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Tyrod Taylor not looking for revenge vs. Bills on Friday but uses the trade to Cleveland as motivation

BEREA — Tyrod Taylor has the highest passer rating (92.5) in Buffalo Bills history. He was 22-21 as their starter and went to two Pro Bowls in three years. Last year he ended their 17-year postseason drought, the longest in American sports.

The Bills didn’t want him anymore.

The rejection still stings.

“Definitely how I think it ended there, it’s motivation for this year,” Taylor said Tuesday. “Not necessarily for this game, but this year.”

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The Bills were never satisfied with Taylor and traded him to the Browns in March for a third-round pick, No. 65 overall. The Browns host the Bills on Friday night in the second preseason game, but Taylor doesn’t want to make it about revenge.

“No, this game isn’t about them nor just me or our relationship,” he said. “It’s about us taking another step, getting better.”

As the starter and with the season quickly approaching, Taylor is trying to maintain laser focus. But in an interview in June he told NFL Network he would “definitely love” to knock Buffalo out of the playoffs after things didn’t end the way he would’ve liked.

“It definitely added motivation and I take it to work with me every day,” he said.

He tried to move past the breakup Tuesday.

“I wouldn’t say it was painful,” he said. “I have nothing to (hang) my head about in my time in Buffalo. I know those guys, played (with) those guys for the past three years, and I’d love to play against those guys.”

Despite the exit, Taylor, 29, has fond memories of his time in Buffalo. After four years in Baltimore without a start after being drafted in the sixth round, he signed with the Bills and was given the chance to compete for the starting job. He beat out former first-round pick EJ Manuel and veteran Matt Cassel and started 44 games in his tenure.

“I always just wanted an opportunity to prove myself and was finally given that opportunity,” Taylor said. “When you got a chance to showcase what you could do, step up to the plate and do it.”

His 23 wins are second in Bills history for a quarterback in his first three years. His 65 touchdowns (51 passing, 14 rushing) are the most. He’s one of two NFL quarterbacks since 2015 to throw for 8,000 yards and rush for 1,500.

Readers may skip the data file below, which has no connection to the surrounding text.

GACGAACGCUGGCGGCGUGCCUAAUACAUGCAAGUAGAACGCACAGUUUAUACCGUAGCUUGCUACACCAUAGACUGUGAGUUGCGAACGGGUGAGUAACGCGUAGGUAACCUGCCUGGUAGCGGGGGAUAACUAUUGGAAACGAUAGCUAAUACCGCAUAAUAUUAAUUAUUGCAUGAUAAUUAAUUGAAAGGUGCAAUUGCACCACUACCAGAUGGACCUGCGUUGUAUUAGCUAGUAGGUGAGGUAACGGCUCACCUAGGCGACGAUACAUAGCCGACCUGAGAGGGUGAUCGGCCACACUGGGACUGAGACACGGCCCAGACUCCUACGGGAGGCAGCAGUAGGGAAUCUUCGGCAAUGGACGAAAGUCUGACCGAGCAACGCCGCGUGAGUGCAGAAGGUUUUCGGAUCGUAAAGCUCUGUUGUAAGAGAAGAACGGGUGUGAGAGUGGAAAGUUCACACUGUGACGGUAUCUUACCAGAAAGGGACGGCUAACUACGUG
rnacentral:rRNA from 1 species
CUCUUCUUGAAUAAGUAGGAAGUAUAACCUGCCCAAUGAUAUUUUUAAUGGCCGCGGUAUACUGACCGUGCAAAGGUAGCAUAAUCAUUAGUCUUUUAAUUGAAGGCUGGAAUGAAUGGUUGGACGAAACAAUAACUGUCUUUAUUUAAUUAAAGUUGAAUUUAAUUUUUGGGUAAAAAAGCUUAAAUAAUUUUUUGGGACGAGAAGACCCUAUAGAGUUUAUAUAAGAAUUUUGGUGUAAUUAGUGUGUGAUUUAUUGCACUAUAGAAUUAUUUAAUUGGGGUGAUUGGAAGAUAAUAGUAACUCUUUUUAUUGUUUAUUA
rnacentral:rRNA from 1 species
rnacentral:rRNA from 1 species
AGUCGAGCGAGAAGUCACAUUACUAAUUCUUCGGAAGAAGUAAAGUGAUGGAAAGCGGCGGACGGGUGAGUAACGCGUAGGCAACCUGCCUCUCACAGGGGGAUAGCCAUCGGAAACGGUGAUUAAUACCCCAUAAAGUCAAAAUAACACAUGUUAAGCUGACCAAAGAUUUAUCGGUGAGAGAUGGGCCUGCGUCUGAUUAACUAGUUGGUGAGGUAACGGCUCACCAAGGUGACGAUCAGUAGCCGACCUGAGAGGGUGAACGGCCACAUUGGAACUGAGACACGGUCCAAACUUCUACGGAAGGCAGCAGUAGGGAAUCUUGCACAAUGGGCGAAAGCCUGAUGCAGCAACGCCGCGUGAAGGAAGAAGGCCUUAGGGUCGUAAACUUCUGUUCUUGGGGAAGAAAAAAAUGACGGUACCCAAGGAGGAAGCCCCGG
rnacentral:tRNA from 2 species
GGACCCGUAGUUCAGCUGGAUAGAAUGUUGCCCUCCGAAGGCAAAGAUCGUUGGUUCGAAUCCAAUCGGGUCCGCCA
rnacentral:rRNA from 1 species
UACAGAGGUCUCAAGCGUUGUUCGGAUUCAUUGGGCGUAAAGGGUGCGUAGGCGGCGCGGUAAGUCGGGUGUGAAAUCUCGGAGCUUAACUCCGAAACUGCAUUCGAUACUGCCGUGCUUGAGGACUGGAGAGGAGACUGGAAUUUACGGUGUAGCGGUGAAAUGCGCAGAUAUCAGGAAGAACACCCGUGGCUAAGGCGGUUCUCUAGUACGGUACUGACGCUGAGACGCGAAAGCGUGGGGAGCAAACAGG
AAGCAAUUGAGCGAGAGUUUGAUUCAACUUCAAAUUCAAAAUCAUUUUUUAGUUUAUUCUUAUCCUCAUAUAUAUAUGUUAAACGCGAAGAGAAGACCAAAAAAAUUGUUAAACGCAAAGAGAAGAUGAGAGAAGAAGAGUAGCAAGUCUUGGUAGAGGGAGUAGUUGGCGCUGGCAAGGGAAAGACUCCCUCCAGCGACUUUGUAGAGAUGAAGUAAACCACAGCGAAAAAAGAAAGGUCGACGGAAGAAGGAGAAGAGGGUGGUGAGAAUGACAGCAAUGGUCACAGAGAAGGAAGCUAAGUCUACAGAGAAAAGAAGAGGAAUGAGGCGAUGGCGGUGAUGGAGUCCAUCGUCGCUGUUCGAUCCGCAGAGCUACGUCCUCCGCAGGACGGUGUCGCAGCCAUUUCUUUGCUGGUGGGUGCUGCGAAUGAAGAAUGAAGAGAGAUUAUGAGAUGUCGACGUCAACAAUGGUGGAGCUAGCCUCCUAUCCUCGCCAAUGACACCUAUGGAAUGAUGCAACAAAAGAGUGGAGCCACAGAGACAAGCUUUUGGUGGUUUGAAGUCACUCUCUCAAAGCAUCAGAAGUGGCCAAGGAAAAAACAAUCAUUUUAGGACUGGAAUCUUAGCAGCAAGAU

“It was a learning curve for me,” he said. “Of course, when I walked into Buffalo a lot of people really didn’t know my name and I was able to win the starting job. So there was a lot that was accomplished in those years and I was thankful for those opportunities, but more so glad for the opportunity that I have here.”

Speaking of his name, Taylor cleared up how to pronounce it.

“I mean, TY-rod is definitely what I’ve heard most of my life,” he said. “But my mom calls me Tuh-ROD, but she also doesn’t call me by my first name.

“She calls me by my middle name, Di’allo. She’s the only one allowed to call me that, so ya’ll can’t start calling me that.”

Coach Hue Jackson was thrilled to take Taylor off the Bills’ hands. Jackson was desperate for a competent, healthy veteran after two seasons doomed by poor quarterback play and believes Taylor’s underappreciated around the league.

“I just think he is a pro NFL quarterback who likes to compete, likes to play, wants to win, wants to lead an offensive football team, a football team and our organization,” Jackson said. “He was the right fit for us at the right time.”

No. 1 pick Baker Mayfield said he hasn’t noticed any change in Taylor in advance of the meeting with the Bills. He didn’t expect one.

“He’s the same guy every day, and that’s what you want, so for him, it’s just another business day,” Mayfield said. “You know exactly what you’re going to get out of him, and that’s important for our guys to see that. They see the standard. They see the expectations, and he lives up to it every day.”

Taylor started his Browns career in style, going 5-for-5 for 99 yards, a touchdown and a perfect 158.3 rating in the preseason opener last week against the Giants. He showed a lot to his new teammates, including standing in the pocket and taking a hit after throwing a 32-yard fade to Jarvis Landry to open the game.

“You definitely have to do that to be successful in this league,” Taylor said. “Of course, as an athletic quarterback, some people say that you are quick to pull the ball down and run. But I think the more you’re standing in the pocket, of course, your offensive linemen appreciate it as well as the receivers.”

On the next possession, he flawlessly executed the no-huddle offense, calling the plays on the way to a touchdown.

“Yes, I enjoy it,” Taylor said. “It keeps the defense honest and it allows us as players, especially myself, to see things on the run and get us into the best situations.”

The Browns inherited the NFL’s longest playoff drought when Taylor led the Bills over the Dolphins and into the postseason. He could feel the weight lifted from the organization.

“Absolutely. To see the fans standing out in the snow as the plane approached back in Buffalo was definitely special to see,” he said. “So you definitely saw excitement and I look forward to creating that here.”

Browns writer for The Chronicle-Telegram and The Medina Gazette. Proud graduate of Northwestern University. Husband and stepdad. Avid golfer who needs to hit the range to get down to a single-digit handicap. Right about Johnny Manziel, wrong about Brandon Weeden. Contact Scott at 440-329-7253, or email and follow him on and Twitter.

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